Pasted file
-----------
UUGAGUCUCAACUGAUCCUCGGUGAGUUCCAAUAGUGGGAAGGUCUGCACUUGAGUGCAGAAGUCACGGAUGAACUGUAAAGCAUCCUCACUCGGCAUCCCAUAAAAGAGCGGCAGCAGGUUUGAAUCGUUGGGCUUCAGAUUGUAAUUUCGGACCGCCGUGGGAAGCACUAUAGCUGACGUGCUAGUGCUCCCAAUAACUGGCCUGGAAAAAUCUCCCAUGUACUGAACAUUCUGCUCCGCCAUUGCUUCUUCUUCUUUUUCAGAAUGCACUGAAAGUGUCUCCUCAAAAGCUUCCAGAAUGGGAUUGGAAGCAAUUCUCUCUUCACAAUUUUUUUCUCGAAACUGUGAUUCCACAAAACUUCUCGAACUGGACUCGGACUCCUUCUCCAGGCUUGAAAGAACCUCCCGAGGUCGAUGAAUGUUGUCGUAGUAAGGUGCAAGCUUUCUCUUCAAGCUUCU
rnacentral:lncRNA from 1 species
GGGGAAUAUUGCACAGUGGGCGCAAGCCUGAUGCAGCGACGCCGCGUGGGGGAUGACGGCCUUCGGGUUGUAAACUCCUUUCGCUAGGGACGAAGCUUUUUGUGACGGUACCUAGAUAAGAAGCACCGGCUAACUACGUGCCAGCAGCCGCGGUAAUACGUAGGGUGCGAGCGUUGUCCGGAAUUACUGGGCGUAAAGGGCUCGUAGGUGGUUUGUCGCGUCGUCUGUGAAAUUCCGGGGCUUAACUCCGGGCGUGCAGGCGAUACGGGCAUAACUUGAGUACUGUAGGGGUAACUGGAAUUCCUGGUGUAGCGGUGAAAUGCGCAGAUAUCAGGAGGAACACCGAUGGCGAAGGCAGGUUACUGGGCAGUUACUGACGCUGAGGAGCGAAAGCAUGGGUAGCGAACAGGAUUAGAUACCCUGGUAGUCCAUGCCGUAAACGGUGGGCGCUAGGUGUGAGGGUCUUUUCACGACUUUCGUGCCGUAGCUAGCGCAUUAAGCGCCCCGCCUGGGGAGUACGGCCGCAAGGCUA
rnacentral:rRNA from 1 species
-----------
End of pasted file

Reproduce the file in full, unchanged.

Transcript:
UUGAGUCUCAACUGAUCCUCGGUGAGUUCCAAUAGUGGGAAGGUCUGCACUUGAGUGCAGAAGUCACGGAUGAACUGUAAAGCAUCCUCACUCGGCAUCCCAUAAAAGAGCGGCAGCAGGUUUGAAUCGUUGGGCUUCAGAUUGUAAUUUCGGACCGCCGUGGGAAGCACUAUAGCUGACGUGCUAGUGCUCCCAAUAACUGGCCUGGAAAAAUCUCCCAUGUACUGAACAUUCUGCUCCGCCAUUGCUUCUUCUUCUUUUUCAGAAUGCACUGAAAGUGUCUCCUCAAAAGCUUCCAGAAUGGGAUUGGAAGCAAUUCUCUCUUCACAAUUUUUUUCUCGAAACUGUGAUUCCACAAAACUUCUCGAACUGGACUCGGACUCCUUCUCCAGGCUUGAAAGAACCUCCCGAGGUCGAUGAAUGUUGUCGUAGUAAGGUGCAAGCUUUCUCUUCAAGCUUCU
rnacentral:lncRNA from 1 species
GGGGAAUAUUGCACAGUGGGCGCAAGCCUGAUGCAGCGACGCCGCGUGGGGGAUGACGGCCUUCGGGUUGUAAACUCCUUUCGCUAGGGACGAAGCUUUUUGUGACGGUACCUAGAUAAGAAGCACCGGCUAACUACGUGCCAGCAGCCGCGGUAAUACGUAGGGUGCGAGCGUUGUCCGGAAUUACUGGGCGUAAAGGGCUCGUAGGUGGUUUGUCGCGUCGUCUGUGAAAUUCCGGGGCUUAACUCCGGGCGUGCAGGCGAUACGGGCAUAACUUGAGUACUGUAGGGGUAACUGGAAUUCCUGGUGUAGCGGUGAAAUGCGCAGAUAUCAGGAGGAACACCGAUGGCGAAGGCAGGUUACUGGGCAGUUACUGACGCUGAGGAGCGAAAGCAUGGGUAGCGAACAGGAUUAGAUACCCUGGUAGUCCAUGCCGUAAACGGUGGGCGCUAGGUGUGAGGGUCUUUUCACGACUUUCGUGCCGUAGCUAGCGCAUUAAGCGCCCCGCCUGGGGAGUACGGCCGCAAGGCUA
rnacentral:rRNA from 1 species